Jason Heyward is Dealing with a Knee Issue - But, When Healthy, What's His Status as a Regular Starter?

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Jason Heyward is Dealing with a Knee Issue – But, When Healthy, What’s His Status as a Regular Starter?

Chicago Cubs

Although it may have seemed notable that outfielder Jason Heyward did not start either of the weekend games in St. Louis, it turns out it wasn’t any kind of shift in organizational philosophy or a changing of the guard.

It was just some rest for a knee issue:

Is it possible the Cubs and David Ross were extra willing to give Heyward some rest because they also wanted to get a different group of outfielders in the games? Sure. It’s possible. But it’s also possible that, if he were fully healthy, Heyward would’ve been out there, starting as he has been against all righties so far this year.

To that point, we’ll have to see if this injury – or anything else – alters the Cubs’ thinking on how often to be playing Heyward, either before or after Seiya Suzuki returns from his finger injury. So far, we’ve been given no indication that the Cubs feel like it’s close to time to move on, despite the terrible 2021 season and the fact that Heyward has hit just .176/.236/.245/37 wRC+ since the end of April.

Cubs President Jed Hoyer was on ESPN radio last week discussing, among many other things, Heyward’s role on the team. Dave Kaplan pressed Hoyer pretty hard on why Heyward keeps playing when you already know what he is, the contract is already a sunk cost, and there are guys you should prefer to be evaluating for the future.

Hoyer, while repeatedly acknowledging that it was a good and fair question, answered this way (me transcribing as I listened):

“We’ve been pretty banged up and as a result he’s been playing a lot. [But you] do have to use these periods to evaluate what you really have to try figure out, in some cases, does this guy have a future with us? In other cases, it’s just about giving the guy the needed plate appearances to make those adjustments. At the same time, I think you can also really hurt a player if they’re simply not ready to do it. You can’t just force any player into the big leagues and say, go ahead and do it …. About Jason, this guy could not be more important to the development of our young players. To mentor those guys. It’s really rare to see a player that is willing to take the time he does to make sure he mentors those guys, and there is value in that. It’s not only a coaching effort, it’s a player effort. And we don’t have a ton of veteran position players, so I do think he has a really strong influence on those guys, and I don’t think that should be entirely minimized.”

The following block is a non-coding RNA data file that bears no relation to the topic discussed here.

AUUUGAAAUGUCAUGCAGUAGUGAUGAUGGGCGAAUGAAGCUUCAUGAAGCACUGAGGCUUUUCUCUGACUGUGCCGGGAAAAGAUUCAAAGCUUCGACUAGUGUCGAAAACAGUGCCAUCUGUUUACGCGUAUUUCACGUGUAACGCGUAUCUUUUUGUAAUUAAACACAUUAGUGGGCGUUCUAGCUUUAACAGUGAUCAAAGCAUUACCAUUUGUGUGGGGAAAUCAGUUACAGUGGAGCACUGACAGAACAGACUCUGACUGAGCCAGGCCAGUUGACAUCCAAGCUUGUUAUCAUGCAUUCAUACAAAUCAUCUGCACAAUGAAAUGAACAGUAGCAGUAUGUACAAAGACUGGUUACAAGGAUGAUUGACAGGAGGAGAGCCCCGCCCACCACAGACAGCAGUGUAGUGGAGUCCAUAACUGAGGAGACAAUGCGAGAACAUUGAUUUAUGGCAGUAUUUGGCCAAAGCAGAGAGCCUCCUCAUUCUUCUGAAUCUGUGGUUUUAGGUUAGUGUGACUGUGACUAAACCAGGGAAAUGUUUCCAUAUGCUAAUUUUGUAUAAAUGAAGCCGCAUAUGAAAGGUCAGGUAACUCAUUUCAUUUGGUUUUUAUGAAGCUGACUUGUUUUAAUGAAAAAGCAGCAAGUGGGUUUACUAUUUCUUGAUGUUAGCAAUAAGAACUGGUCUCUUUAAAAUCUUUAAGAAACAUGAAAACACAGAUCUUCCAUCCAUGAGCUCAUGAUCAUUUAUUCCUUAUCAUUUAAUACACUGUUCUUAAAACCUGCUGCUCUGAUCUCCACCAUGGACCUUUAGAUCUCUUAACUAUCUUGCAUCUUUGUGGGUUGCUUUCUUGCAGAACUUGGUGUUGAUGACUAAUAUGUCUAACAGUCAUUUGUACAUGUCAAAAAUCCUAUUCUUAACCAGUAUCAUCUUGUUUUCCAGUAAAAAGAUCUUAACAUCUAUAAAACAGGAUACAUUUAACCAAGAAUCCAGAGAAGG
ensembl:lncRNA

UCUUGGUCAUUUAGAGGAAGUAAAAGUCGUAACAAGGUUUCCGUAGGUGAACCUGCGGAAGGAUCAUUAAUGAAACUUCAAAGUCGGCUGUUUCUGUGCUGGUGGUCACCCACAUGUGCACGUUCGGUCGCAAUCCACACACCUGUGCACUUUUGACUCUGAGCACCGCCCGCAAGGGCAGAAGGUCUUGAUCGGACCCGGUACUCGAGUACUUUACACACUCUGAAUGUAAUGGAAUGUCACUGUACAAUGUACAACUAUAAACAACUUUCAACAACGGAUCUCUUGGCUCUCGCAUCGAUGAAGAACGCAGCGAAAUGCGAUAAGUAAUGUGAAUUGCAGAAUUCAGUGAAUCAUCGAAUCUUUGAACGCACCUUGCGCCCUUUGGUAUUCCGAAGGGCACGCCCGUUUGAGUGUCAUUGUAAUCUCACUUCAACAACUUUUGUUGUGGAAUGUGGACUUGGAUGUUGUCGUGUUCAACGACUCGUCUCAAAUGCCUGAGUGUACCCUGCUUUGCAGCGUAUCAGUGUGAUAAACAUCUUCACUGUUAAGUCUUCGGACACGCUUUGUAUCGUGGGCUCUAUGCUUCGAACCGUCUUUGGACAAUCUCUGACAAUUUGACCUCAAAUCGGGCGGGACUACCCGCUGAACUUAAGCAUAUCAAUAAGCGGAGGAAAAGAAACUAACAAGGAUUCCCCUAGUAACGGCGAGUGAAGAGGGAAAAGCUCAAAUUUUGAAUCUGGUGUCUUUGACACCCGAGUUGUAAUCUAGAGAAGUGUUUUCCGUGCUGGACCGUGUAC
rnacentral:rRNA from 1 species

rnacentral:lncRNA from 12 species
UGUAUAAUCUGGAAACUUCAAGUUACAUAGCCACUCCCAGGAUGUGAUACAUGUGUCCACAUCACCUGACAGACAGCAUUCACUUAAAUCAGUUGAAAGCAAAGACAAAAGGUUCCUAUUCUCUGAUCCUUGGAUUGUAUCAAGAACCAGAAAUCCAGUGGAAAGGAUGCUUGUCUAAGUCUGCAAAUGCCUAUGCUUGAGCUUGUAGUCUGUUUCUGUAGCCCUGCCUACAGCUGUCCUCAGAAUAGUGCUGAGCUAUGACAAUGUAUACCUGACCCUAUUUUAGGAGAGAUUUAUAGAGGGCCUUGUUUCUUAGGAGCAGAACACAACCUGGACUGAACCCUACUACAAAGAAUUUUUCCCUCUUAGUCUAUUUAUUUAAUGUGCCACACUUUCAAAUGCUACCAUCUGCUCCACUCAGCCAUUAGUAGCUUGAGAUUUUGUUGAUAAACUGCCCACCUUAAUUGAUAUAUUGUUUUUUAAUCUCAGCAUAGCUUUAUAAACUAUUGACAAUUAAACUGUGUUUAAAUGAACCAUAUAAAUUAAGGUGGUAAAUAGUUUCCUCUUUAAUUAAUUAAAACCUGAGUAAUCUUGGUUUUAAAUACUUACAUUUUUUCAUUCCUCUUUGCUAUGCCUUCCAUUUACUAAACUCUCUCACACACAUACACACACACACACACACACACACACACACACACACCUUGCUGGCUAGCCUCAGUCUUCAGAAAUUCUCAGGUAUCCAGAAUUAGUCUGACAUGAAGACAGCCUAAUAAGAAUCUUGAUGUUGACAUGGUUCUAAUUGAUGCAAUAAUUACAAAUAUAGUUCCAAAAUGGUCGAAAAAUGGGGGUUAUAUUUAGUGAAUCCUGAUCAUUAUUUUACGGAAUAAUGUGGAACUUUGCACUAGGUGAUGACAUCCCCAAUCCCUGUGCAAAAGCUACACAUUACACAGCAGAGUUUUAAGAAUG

So, if I heard it all correctly, the answer appears to be a combination of factors.

For one, the Cubs have not yet been in a situation where they felt it was the right time to give X Player everyday starts over Heyward, either for fear it could hurt that player’s development (perhaps why the Cubs are trying only to put Nelson Velazquez in optimum starting situations?), or because injuries didn’t really permit it (Clint Frazier did miss a lot of the time when he could have been starting, but he also wasn’t starting over Heyward when healthy). This would track a little better for me if Heyward were still an elite defensive glove out there, but I at least understand what is being said.

For another reason, Heyward is valuable in mentoring and helping develop the young position players right now – but does he have to START regularly to do that? I suppose the answer is probably that, if you’re asking Heyward to be a leader to develop these young players, and if you’re already on the fence about who should be getting the playing time at the moment, then you give him the respect of starting him while he is fulfilling that role. I don’t know whether I agree with all that, but it’s an explanation, at least. And I’m sure there are clubhouse dynamics at play that we simply don’t have visibility into from the outside.

When Suzuki returns, however, I think it gets a whole lot more difficult to justify starting Heyward over guys like Christopher Morel and/or Rafael Ortega, which is what would have to happen if everyone was healthy. At that point, as Kaplan’s question underscored, you are taking away valuable plate appearances from guys who need them in order to give them to a guy whose contract is a sunk cost, who has been one of the worst players in baseball the last year and a half, and who is extraordinarily unlikely to play a meaningful part on the 2023 team.

The point isn’t to keep bashing Jason Heyward. It is simply to try to understand why the Cubs are doing what they’re doing, and how it does or does not make sense going forward as the roster and the circumstances change.



Author: Brett Taylor

Brett Taylor is the Editor and Lead Cubs Writer at Bleacher Nation, and you can find him on Twitter at @BleacherNation and @Brett_A_Taylor.